This post is not about the 1/2 marathon race… but the path that led me to the race. Many of the people I work with assume that I am some awesome runner… that running has come naturally to me, that running is something I have done since I was young. Nothing could be farther from the truth. Those same people think that a half marathon is something that they could never do – an activity that is beyond their reach. They are wrong again.

About three years ago, I reached an all-time personal high for my body weight. Previously a fairly active and fit person (particularly through my high school and college years), life had settled in around me and my level of physical activity had significantly declined. With my decrease in activity also came my emotional eating. I was using food for comfort and to help me deal with times of boredom. I had gained almost 20 lbs. since the time I had met my husband. I felt terrible about my physical appearance and lack of discipline when it came to food.

I remember the day that a friend of mine mentioned a series of 5K races that was held over the summer locally. He was very encouraging and suggested that I should sign up and run. He said “you will love it.” I recall thinking that 3.1 miles was a long way, and that I wasn’t sure I could do it. Throw in the fact that it was a “race” and I was nothing but skeptical and nervous. Later that same week, my husband continued to encourage me to give it a try. So, I took him up on it. I knew I was in no shape to run a 5K in my current state and that I would need to start training.

So began the path to my first 5K. Little did I know it was the start of my path to my half marathon. I remember that day – it was in early April – still fairly cool for the spring where I live. I stepped out in my sweat pants and sweat shirt and some gloves.

I was off down the road with a 2 mile run planned. In my mind here are the thoughts that were racing through:

i tri man

The first 10 seconds of my run: I can do this. I use to run 2 miles all the time in high school. No problem!

30 seconds into my run: Dear God, was it this hard to breathe back then? Gosh my lungs hurt.

1 minute into my run (about 0.10 miles in): This sucks. I hate running. Why am I doing this??

1 minute and 2 seconds into my run: [Stopping to walk / hunched over gasping] Are you F@#*!NG kidding me?


I ended up only covering about 1 full mile that day (and that is probably being generous), more than half of it I walked. It was, hands down, the worst physical fitness activity of my life.

I waited about 3 days before I tried again (because I was so sore and so frustrated I couldn’t bring myself to try again immediately). Day 2 of training was not much better. I got exactly 1 neighborhood block farther than my first “run” before I had to double over and gasp. I covered no more total ground. What I recall thinking that day – “Well, ok, I got one block farther for I had to walk. That’s something.”

What I didn’t realize was how quickly my body would respond to the training when I stuck with it. Within 2 weeks I was able to “run” 1 mile, walk for a bit and then continue running covering about 2 miles. Within 4 weeks, I was able to run (albeit slowly) for 2 miles without stopping in about 30 minutes.

Now…don’t get me wrong. It was very hard. And everything hurt. My feet, my legs, my lungs all experience pain. I remember being very sore. I remember showing a gain in weight after about 3 weeks and feeling frustrated. Folks kept telling me it was muscle, but I sure didn’t feel better hearing that. (I didn’t know at the time that my blood volume was actually increasing to accommodate the higher demand for oxygen that my body was requiring during my training).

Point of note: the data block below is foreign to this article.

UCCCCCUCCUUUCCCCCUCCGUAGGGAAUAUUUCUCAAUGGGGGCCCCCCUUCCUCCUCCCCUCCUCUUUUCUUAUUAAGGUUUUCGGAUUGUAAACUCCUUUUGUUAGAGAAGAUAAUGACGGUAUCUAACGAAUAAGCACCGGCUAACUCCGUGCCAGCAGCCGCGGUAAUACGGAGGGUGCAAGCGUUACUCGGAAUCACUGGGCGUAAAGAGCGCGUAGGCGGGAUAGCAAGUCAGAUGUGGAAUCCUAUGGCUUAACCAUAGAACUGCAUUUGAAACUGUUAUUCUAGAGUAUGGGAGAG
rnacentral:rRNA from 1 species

I ran my first 5K in late May of that year and posted a time of 36 minutes and 57 seconds. I ran faster in the race than I had in any of my training runs. The energy of the race was exhilarating. Running with other people, even though they were much better runners than me, gave me more energy and resulted in a real sense of accomplishment. The winner of that race ran the 5K in 15 minutes and 22 seconds.

But for me, seeing myself doing better with each run was enough motivation and brought enough satisfaction that it drove me forward. It just felt good to be trying.

I was not a very disciplined runner and during the first year was very inconsistent. There were 10 x 5K races that summer and I ran in about 4 of them. At the end of the season there was a 10 miler.

During the 8 weeks leading up to the 10 miler, I decided to give it a try. I was really not running any faster, but thought that to go that far would be an awesome accomplishment. I ran the race in September of 2010 and thought my legs were going to fall off of my body. It was the most painful running experience I had ever felt. My breathing was fine, I felt like I had more energy – but the muscles in my hips and legs were so fatigued, I could barely lift my legs to walk across the finish line. I ran my first 10 miler in 1 hour and 51 minutes.

First 10 Miler 2

I took the winter off that year (starting right after the 10 miler) and did not start jogging / running again until about late February. That next summer I ran in about 6 of the 5Ks (my fastest was the first one of the season at 27 minutes and 53 seconds) and ran the end of season 10 miler again, finishing this time in 1 hour and 41 minutes. While I was able to pick up my legs this time, I was still completely wiped out at the end of that 10 mile race. The winter came, but I continued to jog about once or twice a week – short jogs of about 2 to 3 miles.

Close to Christmas time another friend of mine suggested a 1/2 marathon to me. I laughed out loud at the thought of trying to run 3.1 more miles after running 10 miles. She continued to encourage me and true to form I accepted the challenge. I looked online for a beginner’s half marathon training guide and followed it. The plan indicated that the training would take 12 weeks. I began my formal training in February of that year.